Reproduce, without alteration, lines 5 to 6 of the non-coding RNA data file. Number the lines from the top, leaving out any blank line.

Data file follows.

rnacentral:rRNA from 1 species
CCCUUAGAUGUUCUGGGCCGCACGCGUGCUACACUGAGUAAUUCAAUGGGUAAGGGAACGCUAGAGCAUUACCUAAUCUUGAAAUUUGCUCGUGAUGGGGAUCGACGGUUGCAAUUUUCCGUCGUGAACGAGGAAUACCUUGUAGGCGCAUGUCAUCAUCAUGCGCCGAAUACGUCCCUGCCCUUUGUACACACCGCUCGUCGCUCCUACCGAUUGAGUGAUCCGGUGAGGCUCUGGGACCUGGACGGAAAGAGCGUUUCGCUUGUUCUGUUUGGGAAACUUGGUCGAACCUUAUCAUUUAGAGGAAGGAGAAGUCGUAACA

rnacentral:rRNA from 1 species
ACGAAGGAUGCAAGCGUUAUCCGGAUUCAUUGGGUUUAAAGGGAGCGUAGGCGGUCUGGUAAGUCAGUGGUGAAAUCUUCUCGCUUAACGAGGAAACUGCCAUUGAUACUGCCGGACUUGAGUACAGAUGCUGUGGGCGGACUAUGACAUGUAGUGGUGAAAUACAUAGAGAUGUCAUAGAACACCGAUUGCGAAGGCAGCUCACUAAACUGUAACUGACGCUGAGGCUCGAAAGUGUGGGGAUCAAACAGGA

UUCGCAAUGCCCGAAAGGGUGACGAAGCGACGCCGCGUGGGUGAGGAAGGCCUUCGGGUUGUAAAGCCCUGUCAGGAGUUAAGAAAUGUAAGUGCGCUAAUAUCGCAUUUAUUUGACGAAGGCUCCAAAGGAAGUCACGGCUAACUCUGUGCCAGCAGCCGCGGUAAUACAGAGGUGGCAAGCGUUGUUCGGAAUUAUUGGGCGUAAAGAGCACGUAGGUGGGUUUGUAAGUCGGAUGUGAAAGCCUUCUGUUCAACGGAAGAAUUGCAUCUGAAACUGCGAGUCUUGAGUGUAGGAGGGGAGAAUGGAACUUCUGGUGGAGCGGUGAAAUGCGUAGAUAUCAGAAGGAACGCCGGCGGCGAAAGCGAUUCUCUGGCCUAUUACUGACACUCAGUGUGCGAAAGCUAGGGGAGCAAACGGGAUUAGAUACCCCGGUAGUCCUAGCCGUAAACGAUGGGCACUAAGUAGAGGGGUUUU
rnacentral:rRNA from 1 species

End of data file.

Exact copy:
UUCGCAAUGCCCGAAAGGGUGACGAAGCGACGCCGCGUGGGUGAGGAAGGCCUUCGGGUUGUAAAGCCCUGUCAGGAGUUAAGAAAUGUAAGUGCGCUAAUAUCGCAUUUAUUUGACGAAGGCUCCAAAGGAAGUCACGGCUAACUCUGUGCCAGCAGCCGCGGUAAUACAGAGGUGGCAAGCGUUGUUCGGAAUUAUUGGGCGUAAAGAGCACGUAGGUGGGUUUGUAAGUCGGAUGUGAAAGCCUUCUGUUCAACGGAAGAAUUGCAUCUGAAACUGCGAGUCUUGAGUGUAGGAGGGGAGAAUGGAACUUCUGGUGGAGCGGUGAAAUGCGUAGAUAUCAGAAGGAACGCCGGCGGCGAAAGCGAUUCUCUGGCCUAUUACUGACACUCAGUGUGCGAAAGCUAGGGGAGCAAACGGGAUUAGAUACCCCGGUAGUCCUAGCCGUAAACGAUGGGCACUAAGUAGAGGGGUUUU
rnacentral:rRNA from 1 species